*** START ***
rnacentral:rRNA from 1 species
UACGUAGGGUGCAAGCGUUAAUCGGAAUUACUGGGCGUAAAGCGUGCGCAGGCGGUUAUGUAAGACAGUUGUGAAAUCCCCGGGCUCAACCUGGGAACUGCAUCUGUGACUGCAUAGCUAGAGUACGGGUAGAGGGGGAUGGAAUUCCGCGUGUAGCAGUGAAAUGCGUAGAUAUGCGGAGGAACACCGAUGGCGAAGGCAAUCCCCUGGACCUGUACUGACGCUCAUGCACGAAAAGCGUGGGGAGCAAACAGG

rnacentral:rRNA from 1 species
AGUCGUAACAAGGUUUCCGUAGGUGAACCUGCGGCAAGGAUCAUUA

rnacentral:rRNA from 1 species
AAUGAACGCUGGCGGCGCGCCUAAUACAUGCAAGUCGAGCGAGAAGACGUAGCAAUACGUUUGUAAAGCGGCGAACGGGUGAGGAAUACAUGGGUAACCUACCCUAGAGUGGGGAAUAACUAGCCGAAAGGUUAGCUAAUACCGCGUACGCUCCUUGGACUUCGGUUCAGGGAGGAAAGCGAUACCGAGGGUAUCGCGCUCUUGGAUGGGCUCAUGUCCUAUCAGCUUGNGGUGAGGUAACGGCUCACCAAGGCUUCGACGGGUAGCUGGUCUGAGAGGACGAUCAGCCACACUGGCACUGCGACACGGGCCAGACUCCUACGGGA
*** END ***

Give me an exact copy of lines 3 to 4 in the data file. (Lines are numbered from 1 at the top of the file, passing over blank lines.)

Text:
rnacentral:rRNA from 1 species
AGUCGUAACAAGGUUUCCGUAGGUGAACCUGCGGCAAGGAUCAUUA